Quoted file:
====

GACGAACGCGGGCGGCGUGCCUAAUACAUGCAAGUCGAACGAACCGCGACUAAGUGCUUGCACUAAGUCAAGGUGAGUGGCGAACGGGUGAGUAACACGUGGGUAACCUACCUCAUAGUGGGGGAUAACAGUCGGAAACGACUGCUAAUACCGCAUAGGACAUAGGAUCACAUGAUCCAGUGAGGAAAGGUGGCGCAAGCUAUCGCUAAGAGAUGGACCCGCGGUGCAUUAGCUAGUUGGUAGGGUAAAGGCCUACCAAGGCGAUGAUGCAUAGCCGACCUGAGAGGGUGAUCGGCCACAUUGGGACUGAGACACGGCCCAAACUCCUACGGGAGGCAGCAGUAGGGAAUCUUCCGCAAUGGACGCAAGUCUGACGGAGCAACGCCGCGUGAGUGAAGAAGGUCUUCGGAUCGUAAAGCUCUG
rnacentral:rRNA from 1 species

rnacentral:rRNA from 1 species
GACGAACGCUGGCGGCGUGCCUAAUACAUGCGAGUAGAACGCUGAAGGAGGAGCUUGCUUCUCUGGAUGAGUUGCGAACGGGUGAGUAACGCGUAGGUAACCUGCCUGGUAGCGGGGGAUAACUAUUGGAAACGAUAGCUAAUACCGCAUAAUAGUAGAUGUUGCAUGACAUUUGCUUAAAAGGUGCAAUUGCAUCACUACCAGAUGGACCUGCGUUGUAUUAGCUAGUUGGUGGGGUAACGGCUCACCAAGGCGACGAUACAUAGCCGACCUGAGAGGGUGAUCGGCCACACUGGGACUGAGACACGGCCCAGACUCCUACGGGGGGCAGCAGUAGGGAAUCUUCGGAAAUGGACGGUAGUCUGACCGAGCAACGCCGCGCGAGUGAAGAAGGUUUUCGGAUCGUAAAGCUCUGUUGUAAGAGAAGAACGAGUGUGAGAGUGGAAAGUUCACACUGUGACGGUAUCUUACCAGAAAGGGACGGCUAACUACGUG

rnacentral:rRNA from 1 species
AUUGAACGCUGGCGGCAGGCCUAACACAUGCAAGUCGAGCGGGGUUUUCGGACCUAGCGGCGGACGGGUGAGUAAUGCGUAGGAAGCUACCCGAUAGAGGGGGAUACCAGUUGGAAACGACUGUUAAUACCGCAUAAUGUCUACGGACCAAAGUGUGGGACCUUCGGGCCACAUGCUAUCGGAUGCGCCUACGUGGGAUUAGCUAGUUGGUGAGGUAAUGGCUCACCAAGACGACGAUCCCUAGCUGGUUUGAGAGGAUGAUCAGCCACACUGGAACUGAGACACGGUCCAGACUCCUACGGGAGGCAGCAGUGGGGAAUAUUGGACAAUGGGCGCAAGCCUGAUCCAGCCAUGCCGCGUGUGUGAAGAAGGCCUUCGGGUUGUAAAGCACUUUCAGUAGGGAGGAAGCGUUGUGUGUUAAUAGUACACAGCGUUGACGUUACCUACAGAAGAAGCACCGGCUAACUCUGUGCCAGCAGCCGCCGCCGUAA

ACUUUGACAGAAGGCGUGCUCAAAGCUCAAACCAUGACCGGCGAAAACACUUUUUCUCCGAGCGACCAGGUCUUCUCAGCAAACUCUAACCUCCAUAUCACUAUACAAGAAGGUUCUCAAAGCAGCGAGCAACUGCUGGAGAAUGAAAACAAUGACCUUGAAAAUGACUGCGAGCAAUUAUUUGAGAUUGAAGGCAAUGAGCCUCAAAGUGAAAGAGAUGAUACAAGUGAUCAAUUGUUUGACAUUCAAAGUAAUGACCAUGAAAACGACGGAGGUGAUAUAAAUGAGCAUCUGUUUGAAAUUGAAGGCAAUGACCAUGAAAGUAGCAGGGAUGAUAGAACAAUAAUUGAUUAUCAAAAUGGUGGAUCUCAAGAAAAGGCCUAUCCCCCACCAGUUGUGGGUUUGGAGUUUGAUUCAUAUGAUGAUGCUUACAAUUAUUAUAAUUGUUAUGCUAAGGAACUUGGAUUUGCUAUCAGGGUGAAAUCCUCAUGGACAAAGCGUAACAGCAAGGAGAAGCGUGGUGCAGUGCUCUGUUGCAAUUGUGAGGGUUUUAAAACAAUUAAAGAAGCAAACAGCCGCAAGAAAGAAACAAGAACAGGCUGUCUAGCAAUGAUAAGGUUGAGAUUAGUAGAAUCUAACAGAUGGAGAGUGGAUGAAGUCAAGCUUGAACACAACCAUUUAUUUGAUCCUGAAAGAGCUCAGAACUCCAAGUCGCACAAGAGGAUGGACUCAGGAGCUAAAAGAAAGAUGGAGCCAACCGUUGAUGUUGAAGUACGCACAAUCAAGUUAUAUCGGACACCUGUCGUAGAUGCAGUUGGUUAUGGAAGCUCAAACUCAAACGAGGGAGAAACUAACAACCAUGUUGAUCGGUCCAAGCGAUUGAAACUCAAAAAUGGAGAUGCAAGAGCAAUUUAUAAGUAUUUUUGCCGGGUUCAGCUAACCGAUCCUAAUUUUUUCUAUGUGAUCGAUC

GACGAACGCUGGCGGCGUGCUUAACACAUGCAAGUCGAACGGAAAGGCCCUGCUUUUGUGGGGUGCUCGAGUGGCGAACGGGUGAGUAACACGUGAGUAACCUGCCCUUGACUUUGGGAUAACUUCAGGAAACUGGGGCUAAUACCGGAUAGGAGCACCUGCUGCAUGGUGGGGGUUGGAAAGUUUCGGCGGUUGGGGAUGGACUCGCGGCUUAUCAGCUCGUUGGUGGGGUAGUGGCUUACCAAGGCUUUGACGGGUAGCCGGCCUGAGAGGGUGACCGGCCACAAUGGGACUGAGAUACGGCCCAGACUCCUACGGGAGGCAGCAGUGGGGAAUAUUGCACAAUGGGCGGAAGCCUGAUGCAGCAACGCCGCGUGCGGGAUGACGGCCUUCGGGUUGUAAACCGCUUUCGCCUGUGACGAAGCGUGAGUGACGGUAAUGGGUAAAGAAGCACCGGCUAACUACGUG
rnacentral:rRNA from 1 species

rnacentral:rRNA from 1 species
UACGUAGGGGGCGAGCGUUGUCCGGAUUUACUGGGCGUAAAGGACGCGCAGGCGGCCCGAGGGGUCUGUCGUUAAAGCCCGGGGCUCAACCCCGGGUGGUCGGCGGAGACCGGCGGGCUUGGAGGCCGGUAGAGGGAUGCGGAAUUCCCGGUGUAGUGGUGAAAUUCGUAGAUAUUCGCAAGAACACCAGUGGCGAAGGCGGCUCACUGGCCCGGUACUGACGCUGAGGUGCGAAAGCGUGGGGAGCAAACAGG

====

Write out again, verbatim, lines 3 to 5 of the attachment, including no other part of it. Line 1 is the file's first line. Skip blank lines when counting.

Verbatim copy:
rnacentral:rRNA from 1 species
GACGAACGCUGGCGGCGUGCCUAAUACAUGCGAGUAGAACGCUGAAGGAGGAGCUUGCUUCUCUGGAUGAGUUGCGAACGGGUGAGUAACGCGUAGGUAACCUGCCUGGUAGCGGGGGAUAACUAUUGGAAACGAUAGCUAAUACCGCAUAAUAGUAGAUGUUGCAUGACAUUUGCUUAAAAGGUGCAAUUGCAUCACUACCAGAUGGACCUGCGUUGUAUUAGCUAGUUGGUGGGGUAACGGCUCACCAAGGCGACGAUACAUAGCCGACCUGAGAGGGUGAUCGGCCACACUGGGACUGAGACACGGCCCAGACUCCUACGGGGGGCAGCAGUAGGGAAUCUUCGGAAAUGGACGGUAGUCUGACCGAGCAACGCCGCGCGAGUGAAGAAGGUUUUCGGAUCGUAAAGCUCUGUUGUAAGAGAAGAACGAGUGUGAGAGUGGAAAGUUCACACUGUGACGGUAUCUUACCAGAAAGGGACGGCUAACUACGUG

rnacentral:rRNA from 1 species